Philosophy of Science 67 (3):321 (2000)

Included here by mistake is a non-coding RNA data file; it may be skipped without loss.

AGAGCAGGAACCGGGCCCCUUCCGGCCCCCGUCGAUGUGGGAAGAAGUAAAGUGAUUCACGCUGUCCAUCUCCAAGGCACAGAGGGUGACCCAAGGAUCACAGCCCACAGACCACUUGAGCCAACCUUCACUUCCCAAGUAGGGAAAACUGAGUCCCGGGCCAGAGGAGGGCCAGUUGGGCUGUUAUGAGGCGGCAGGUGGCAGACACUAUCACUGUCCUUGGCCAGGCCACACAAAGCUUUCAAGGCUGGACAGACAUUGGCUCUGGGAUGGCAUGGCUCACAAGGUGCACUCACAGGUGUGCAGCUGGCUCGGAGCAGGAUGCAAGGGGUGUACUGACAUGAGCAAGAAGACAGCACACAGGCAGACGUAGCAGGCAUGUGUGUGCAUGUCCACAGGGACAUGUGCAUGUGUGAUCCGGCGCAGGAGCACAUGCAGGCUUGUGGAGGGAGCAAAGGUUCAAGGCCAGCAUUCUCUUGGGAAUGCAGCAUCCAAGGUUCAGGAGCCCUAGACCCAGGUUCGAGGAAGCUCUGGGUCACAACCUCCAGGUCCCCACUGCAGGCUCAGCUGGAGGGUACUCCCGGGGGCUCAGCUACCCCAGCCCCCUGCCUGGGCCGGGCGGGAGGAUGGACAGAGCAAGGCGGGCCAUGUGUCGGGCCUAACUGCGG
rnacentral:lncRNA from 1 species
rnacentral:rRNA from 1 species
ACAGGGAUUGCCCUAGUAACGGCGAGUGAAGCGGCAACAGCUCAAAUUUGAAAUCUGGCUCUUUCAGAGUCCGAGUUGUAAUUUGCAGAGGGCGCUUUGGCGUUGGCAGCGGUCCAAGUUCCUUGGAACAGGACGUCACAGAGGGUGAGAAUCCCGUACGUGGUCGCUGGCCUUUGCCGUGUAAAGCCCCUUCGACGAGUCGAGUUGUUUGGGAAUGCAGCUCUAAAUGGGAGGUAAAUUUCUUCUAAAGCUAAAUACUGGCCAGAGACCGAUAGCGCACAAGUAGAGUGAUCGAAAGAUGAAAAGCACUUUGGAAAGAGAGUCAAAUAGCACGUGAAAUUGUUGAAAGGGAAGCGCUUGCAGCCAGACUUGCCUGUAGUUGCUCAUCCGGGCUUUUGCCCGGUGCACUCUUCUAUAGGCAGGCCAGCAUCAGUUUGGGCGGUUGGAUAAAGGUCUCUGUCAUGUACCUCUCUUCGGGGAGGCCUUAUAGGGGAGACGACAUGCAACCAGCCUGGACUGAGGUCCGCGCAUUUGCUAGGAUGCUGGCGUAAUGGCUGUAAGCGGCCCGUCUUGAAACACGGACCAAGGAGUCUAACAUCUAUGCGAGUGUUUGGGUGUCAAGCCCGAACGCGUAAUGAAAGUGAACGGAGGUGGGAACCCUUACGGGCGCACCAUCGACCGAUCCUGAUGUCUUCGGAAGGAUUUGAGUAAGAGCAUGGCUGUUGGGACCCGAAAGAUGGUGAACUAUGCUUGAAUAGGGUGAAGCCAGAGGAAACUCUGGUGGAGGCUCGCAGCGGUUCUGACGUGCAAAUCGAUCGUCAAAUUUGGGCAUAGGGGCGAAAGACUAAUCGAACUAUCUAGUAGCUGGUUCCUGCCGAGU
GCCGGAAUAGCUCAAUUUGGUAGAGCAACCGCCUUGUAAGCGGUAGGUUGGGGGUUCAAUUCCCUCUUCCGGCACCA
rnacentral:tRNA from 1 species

Developmental biology has resurfaced in recent years, often without a clearly central role for the organism. The organism is pulled in divergent directions: on the one hand, there is an important body of work that emphasizes the role of the gene in development, as executing and controlling embryological change; on the other hand, there are more theoretical approaches under which the organism disappears as little more than an instance for testing biological generalizations. I press here for the ineliminability of the organism in developmental biology on explanatory grounds. I examine classical work concerned with growth and development, particularly in Drosophila and C. elegans. Some of this work is suggestive of modular development, and accordingly suggests a level below that of the organism as being explanatory. These are not the only type of case. There are other equally well-established results, which indicate greater integration in the developing organism. Though with a modular organization the organism can be thought of as made up of its constituent traits, and though the explanations of these traits may lie in terms of cells or genes, even with modular development the explanations of "genetic" differences require an appeal to the organism. With non-modular organization the organism has an even more central role. This does not mean that these genetic or cellular contributions are unreal in any way, or that development requires some sort of vitalistic contribution; but the genetic contributions make sense only as constituents of the organism, embedded in a larger organic context
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